In broad terms, the invention provides a method for determining QAM constellation parameters, in particular the constellation point positions, for a broadcast system by adjusting the QAM parameters so as to maximise a capacity measure at one or more selected signal to noise ratios (SNR). The method may include determining the parameters for a QAM scheme of a selected order by constraining the positions of some constellation points to be the same as one another. Using such an approximation may reduce the calculations required to determine constellation positions. A preferred embodiment is described below with reference to the drawings. The preferred embodiment takes the form of a transmitter and receiver (for example for DVBT or DVBT2) in which the QAM constellation is determined by a method that includes adjusting the QAM parameters so as to maximise capacity at one or more selected signal to noise ratios (SNR).
The invention will be described in more detail by way of example with reference to the accompanying drawings, in which:
A known transmitter will first be described to which the invention may be applied to provide context. Such transmitters are known to the skilled person. Within the following description the embodiment of the present invention provides a new method for deriving the constellations to be used in the mapper described below and a new transmitter using such constellations.
The transmitter receives video (V), audio (A), and data (D) signals from appropriate signal sources via inputs 12 and these are applied to an MPEG2 coder 14. The MPEG2 coder includes a separate video coder 16, audio coder 18 and data coder 20, which provide packetised elementary streams which are multiplexed in a programme multiplexer 22. Signals are obtained in this way for different programmes, that is to say broadcast channels, and these are multiplexed into a transport stream in a transport stream multiplexer 24. The output of the transport stream multiplexer 24 consists of packets of 188 bytes and is applied to a randomiser 26 for energy dispersal, where the signal is combined with the output of a pseudorandom binary sequence (PRBS) generator received at a terminal 28. The randomiser more evenly distributes the energy within the RF (radio frequency) channel. The signal is now applied to a channel coding section 30 which is generally known as the forward error corrector (FEC) and which comprises four main components, namely:
an outer coder 32, an outer interleaver 34,
an inner coder 36, and an inner interleaver 38.
The two coding stages 32, 36 provide a degree of redundancy to enable error correction at the receiver. The two interleaving stages 34, 38 are necessary precursors for corresponding deinterleavers at a receiver so as to break up bursts of errors so as to allow the error correction to be more effective.
The outer coder 32 is a ReedSolomon (RS) coder, which processes the signal in packets of 188 bytes and adds to each packet 16 error protection bytes. This allows the correction of up to 8 random erroneous bytes in a received word of 204 bytes. This is known as a (204, 188, t=8) ReedSolomon code. This is achieved as a shortened code using an RS (255, 239, t=8) encoder but with the first 51 bytes being set to zero.
The outer interleaver 34 effects a Forney convolutional interleaving operation on a bytewise basis within the packet structure, and spreads burst errors introduced by the transmission channel over a longer time so they are less likely to exceed the capacity of the RS coding. After the interleaver, the nth byte of a packet remains in the nth byte position, but it will usually be in a different packet. The bytes are spread successively over 12 packets, so the first byte of an input packet goes into the first output packet, the second byte of the input packet is transmitted in the second output packet, and so on up to the twelfth. The next byte goes into the first packet again, and every twelfth byte after that. As a packet contains 204 bytes, and 204=12×17, after the outer interleaving a packet contains 17 bytes that come from the same original packet.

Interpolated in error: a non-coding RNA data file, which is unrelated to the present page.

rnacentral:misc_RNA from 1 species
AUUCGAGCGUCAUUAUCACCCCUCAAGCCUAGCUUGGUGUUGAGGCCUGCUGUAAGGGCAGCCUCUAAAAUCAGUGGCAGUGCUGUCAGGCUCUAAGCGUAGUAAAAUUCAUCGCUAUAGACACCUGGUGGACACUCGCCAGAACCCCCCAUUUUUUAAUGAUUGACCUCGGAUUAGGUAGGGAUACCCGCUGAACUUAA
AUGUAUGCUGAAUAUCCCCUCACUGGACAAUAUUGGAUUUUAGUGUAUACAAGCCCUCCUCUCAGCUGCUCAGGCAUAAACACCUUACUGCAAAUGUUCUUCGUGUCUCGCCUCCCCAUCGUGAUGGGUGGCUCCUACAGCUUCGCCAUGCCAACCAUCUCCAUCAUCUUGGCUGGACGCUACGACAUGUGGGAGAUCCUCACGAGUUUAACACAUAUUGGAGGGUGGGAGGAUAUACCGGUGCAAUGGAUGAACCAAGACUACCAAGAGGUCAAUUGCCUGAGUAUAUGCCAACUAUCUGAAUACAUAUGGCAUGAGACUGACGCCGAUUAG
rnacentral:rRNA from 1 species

The inner coder 36 is a punctured convolutional coder (PCC). The system allows for a range of punctured convolutional codes, based on a mother convolutional code of rate ½ with 64 states. The data input is applied to a series of six onebit delays 40 and the seven resultant bits which are available are combined in different ways by two modulo2 adders 42,44, as shown. These adders provide the output of the inner coder in the form of an X or G1 output and a Y or G2 output, the letter G here standing for the generator sum. The X and Y outputs are combined into a single bit stream by a serialiser 45.
The puncturing is achieved by discarding selected ones of the X and Y outputs in accordance with one of several possible puncturing patterns. Without puncturing, each input bit gives rise to two output bits. With puncturing one of the following is achieved:
 Every 2 input bits give 3 output bits
 Every 3 input bits give 4 output bits
 Every 5 input bits give 6 output bits
 Every 7 input bits give 8 output bits
Returning to
The bit interleaver uses a bit interleaving block size which corresponds to onetwelfth of an OFDM symbol of useful data in the 2k mode and 1/48 of an OFDM symbol in the 8k mode.
The symbol interleaver maps the 2, 4 or 6bit words onto 1512 or 6048 active carriers, depending on whether the 2k or 8k mode is in use. The symbol interleaver acts so as to shuffle groups of 2, 4 or 6 bits around within the symbol. This it does by writing the symbol into memory and reading out the groups of 2, 4 or 6 bits in a different and permuted order compared with the order in which they were written into the memory.